Imperfect Competition, State Trading and Japan's Imports of Rice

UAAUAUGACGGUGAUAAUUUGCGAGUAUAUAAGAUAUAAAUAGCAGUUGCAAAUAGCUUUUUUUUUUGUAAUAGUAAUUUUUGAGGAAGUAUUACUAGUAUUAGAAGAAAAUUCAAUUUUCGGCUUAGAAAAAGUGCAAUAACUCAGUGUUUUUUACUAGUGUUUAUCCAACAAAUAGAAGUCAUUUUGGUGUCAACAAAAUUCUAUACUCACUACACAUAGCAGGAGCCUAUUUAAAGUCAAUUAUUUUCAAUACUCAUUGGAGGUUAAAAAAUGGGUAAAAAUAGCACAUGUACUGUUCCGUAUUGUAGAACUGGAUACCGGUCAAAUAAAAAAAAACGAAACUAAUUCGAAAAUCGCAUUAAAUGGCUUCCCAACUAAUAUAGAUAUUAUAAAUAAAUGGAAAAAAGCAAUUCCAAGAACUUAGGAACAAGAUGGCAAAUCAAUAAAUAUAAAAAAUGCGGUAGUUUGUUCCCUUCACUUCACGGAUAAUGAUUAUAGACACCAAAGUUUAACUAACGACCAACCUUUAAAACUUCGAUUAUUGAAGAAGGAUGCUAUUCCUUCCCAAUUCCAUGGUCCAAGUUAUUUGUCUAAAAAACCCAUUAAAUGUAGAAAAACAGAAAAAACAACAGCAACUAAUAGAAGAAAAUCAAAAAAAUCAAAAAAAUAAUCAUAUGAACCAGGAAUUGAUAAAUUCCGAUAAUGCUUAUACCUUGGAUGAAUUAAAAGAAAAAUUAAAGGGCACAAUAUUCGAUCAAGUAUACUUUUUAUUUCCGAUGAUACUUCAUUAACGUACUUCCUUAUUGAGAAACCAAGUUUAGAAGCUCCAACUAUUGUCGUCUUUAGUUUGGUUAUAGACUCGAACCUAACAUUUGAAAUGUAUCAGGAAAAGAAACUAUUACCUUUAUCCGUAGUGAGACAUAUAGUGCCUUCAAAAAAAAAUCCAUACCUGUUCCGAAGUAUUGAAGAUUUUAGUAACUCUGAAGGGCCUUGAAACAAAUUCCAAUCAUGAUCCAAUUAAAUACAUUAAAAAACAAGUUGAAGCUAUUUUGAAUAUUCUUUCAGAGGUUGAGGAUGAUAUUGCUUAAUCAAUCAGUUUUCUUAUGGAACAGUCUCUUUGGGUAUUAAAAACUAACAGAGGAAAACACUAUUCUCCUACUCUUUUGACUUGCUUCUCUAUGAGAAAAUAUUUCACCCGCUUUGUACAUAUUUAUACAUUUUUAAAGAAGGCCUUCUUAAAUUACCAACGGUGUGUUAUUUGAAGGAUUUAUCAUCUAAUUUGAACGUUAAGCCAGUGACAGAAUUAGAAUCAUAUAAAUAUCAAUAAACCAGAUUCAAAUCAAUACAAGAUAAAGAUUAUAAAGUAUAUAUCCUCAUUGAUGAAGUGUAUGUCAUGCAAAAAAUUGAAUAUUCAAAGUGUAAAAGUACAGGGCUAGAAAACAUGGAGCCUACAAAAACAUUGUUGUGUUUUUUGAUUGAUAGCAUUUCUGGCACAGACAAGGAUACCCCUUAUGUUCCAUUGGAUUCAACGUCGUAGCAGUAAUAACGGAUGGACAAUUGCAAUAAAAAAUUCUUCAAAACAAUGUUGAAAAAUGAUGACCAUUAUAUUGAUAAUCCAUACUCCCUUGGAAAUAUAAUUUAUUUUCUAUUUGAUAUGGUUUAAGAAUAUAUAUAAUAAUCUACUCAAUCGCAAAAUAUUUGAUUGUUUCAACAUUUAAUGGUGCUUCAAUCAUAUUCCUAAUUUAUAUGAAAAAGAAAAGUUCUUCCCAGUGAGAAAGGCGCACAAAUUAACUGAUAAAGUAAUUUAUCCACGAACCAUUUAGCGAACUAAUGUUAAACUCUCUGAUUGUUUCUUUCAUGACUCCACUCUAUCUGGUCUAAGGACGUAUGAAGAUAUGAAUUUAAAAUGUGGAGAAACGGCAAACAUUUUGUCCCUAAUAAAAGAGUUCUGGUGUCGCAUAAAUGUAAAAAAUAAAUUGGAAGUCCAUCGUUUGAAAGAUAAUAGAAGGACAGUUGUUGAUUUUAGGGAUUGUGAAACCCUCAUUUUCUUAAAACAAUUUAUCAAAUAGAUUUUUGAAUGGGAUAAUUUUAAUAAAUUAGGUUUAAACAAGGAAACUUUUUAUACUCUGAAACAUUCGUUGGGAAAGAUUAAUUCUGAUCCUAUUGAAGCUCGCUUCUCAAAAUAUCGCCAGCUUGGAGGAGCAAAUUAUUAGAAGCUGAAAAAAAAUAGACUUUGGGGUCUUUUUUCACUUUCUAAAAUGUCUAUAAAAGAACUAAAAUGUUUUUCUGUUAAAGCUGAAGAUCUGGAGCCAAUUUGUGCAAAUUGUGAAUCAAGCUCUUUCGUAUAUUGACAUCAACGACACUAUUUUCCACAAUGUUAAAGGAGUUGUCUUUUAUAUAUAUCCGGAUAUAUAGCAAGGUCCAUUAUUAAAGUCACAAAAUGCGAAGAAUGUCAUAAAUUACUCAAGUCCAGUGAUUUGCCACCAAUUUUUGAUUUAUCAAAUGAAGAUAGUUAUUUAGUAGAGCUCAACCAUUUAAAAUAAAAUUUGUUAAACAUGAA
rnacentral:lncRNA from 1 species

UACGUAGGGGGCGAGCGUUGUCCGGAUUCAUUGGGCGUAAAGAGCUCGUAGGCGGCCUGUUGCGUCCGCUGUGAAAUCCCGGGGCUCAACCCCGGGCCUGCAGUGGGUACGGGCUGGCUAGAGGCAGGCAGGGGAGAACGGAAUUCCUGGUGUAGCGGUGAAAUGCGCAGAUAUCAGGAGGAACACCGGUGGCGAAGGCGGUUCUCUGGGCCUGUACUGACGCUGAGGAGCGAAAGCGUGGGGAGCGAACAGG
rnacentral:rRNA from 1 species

In the negotiations on agriculture in the World Trade Organization, itwas asserted that an importing state trading enterprise affects the domestic market but not the international market. This claim is investigated through specifying a model of intermediaries in international trade. There are two kinds of intermediaries: first, a state trading enterprise; and second, an n-firm Cournot oligopsony/oligopoly that acts as the counterfactual. Using Japanese market priceand quantity data for rice, and elasticity parameters drawn from the literature,the equations of the model are calibrated to these data and parameters. The resulting equations then permit the calculation of the tariff equivalence of the state trading enterprise under different assumptions about market structure, as wellas the welfare effects associated with them. The equations are re-specified to model the existing import regime for rice, which is a tariff quota. The conclusions are: first, that, compared with the counterfactual, an importing state trading enterprise acts like a tariff by restricting imports; and second, the currentimport regime of a tariff quota causes a welfare loss compared with the counterfactual.
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